Climate change in Grenada

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The issue of climate change has received significant public and political attention in Grenada. As of 2013, the mitigation of its effects has been high on the agenda of the Government of Grenada, which seeks to set an example through innovation and green technology.[1]

Given its small size, Grenada is not a major contributor to greenhouse gas emissions, but does use fossil fuel to generate 90% of its electricity. The Government of Grenada has set a goal of generating 50% of its energy from solar and wind power by 2030, and is taking steps to abolish Grenlec, the state-run electric utility. Because tourism is a mainstay of the economy, there is also interest in exploring the use of seawater for air-conditioning.[1]

As of 2013, Grenada had a US$6.9 million pilot project to adapt its irrigation system to climate change and conduct local and regional water planning, funded by the German International Climate Initiative (IKI). Groundwater depletion, lower water tables, disruption of water supply by hurricanes (such as Hurricane Ivan),[2] saltwater intrusion, and rising sea levels pose challenges for providing a consistent water supply for agriculture and tourism.[3]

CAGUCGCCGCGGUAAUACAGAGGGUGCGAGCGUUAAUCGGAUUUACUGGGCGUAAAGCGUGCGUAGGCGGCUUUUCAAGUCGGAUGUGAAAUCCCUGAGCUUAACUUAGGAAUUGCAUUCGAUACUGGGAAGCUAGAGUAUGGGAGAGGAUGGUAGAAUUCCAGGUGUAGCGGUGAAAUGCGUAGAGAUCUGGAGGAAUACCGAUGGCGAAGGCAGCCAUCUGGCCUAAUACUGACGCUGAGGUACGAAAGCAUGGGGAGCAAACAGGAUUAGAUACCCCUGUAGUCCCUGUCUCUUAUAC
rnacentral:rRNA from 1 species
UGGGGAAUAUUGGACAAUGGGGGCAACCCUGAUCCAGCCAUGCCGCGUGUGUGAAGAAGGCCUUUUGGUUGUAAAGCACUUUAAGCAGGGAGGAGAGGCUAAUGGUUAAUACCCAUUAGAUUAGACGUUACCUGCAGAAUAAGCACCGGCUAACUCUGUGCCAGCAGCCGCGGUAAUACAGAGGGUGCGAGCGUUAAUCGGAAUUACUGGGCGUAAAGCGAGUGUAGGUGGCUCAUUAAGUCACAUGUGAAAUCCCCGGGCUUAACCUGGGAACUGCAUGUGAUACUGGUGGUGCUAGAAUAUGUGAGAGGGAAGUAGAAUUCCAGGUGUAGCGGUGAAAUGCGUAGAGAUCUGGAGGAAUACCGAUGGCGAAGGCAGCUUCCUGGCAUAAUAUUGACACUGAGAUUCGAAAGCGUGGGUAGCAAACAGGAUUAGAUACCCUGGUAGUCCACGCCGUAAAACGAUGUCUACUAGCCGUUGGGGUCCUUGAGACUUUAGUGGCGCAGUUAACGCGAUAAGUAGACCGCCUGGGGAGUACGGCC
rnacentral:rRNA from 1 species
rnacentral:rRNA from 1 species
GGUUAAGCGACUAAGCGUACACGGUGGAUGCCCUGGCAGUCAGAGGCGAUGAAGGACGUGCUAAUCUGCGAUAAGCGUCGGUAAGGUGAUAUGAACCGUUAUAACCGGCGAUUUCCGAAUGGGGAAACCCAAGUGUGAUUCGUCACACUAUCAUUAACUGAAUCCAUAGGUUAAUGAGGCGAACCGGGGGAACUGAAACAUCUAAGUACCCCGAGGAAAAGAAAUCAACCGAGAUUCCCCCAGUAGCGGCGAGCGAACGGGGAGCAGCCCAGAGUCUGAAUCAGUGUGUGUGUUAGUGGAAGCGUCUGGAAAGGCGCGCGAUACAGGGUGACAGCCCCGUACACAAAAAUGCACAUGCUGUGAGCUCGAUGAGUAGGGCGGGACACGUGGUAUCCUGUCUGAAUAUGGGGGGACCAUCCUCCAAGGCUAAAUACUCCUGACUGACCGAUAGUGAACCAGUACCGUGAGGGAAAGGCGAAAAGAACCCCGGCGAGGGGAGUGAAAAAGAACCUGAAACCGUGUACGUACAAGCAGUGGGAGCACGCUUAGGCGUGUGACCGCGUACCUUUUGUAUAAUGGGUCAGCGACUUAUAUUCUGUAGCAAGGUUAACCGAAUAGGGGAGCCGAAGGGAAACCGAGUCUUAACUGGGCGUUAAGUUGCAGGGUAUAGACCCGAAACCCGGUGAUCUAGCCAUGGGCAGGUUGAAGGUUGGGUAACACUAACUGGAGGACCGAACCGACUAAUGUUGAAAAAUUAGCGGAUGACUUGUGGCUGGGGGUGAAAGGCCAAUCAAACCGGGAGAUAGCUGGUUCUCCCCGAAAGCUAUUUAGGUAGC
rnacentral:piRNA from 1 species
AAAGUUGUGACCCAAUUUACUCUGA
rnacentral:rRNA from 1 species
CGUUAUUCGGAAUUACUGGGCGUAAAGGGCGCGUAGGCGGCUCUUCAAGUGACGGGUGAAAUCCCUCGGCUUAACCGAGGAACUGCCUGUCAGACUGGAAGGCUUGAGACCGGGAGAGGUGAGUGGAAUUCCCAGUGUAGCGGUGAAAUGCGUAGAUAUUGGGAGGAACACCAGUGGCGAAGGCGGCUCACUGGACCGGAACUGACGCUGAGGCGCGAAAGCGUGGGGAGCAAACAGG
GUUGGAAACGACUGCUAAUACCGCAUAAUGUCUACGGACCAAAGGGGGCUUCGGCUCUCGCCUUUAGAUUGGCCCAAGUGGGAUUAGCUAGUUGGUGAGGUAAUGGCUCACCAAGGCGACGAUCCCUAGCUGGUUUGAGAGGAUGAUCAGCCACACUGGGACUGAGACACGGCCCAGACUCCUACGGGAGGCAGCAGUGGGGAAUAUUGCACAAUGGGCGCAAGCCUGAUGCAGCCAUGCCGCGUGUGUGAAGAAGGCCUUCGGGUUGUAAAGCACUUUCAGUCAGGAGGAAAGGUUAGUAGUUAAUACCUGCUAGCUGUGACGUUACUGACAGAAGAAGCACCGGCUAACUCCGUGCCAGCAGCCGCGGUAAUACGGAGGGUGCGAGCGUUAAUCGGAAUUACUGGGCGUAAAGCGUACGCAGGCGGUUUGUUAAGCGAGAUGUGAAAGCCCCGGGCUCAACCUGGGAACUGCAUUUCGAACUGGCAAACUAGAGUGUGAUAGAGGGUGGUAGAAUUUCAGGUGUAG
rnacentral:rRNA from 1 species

In 2013, the newspaper The Washington Diplomat profiled Grenada’s ambassador to the United States, Angus Friday, who has served as a "senior climate policy specialist at the World Bank." In his earlier posting as Grenadian Ambassador to the United Nations, "he frequently advocated for small Caribbean and Pacific island nations threatened by rising ocean levels."[1]


  1. ^ a b c Luxner, Larry (2013-11-29). "Grenada’s New War: Battling Climate Change". The Washington Diplomat. Retrieved 2013-12-21. 
  2. ^ Peters, E.J. (2010). "Impact of hurricane Ivan on Grenada water supply". Water Management 63 (2): 57–64. ISSN 1741-7589. Retrieved 2013-12-20. 
  3. ^ "Tackling Grenada's water problems". Deutsche Welle. 2013-10-29. Retrieved 2013-12-20.